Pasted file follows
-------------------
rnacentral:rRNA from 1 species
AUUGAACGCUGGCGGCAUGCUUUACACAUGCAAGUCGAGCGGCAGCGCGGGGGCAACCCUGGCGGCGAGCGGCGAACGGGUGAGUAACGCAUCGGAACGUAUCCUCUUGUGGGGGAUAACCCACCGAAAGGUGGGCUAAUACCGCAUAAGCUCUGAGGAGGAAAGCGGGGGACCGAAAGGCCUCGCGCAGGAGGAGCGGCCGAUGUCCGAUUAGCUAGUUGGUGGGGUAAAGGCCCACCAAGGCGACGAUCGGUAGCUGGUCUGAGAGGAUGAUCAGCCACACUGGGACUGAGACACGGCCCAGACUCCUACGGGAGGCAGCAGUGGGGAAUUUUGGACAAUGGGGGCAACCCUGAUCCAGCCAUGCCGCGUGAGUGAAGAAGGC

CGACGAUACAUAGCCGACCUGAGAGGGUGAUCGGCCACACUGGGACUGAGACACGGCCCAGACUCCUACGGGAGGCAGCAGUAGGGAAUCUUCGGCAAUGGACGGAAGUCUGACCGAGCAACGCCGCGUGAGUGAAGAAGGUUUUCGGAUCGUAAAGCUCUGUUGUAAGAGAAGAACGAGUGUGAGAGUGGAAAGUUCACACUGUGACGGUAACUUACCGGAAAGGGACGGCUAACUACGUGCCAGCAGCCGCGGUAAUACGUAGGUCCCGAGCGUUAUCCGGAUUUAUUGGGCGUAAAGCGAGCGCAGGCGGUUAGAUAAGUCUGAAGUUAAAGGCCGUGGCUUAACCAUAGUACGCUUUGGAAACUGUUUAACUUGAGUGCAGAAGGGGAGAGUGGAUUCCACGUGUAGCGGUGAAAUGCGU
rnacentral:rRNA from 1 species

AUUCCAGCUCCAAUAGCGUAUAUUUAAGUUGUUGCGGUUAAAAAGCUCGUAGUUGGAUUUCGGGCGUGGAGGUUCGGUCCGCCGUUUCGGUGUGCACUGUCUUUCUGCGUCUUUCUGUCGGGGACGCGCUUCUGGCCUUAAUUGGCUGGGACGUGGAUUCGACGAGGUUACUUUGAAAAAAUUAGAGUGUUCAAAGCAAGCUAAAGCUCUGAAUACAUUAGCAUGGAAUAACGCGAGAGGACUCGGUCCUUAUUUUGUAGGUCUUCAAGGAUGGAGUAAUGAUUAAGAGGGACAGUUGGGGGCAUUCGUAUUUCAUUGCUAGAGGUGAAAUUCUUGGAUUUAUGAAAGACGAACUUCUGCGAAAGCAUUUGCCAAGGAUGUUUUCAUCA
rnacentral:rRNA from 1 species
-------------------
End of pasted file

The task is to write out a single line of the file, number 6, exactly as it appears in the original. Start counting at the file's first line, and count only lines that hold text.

rnacentral:rRNA from 1 species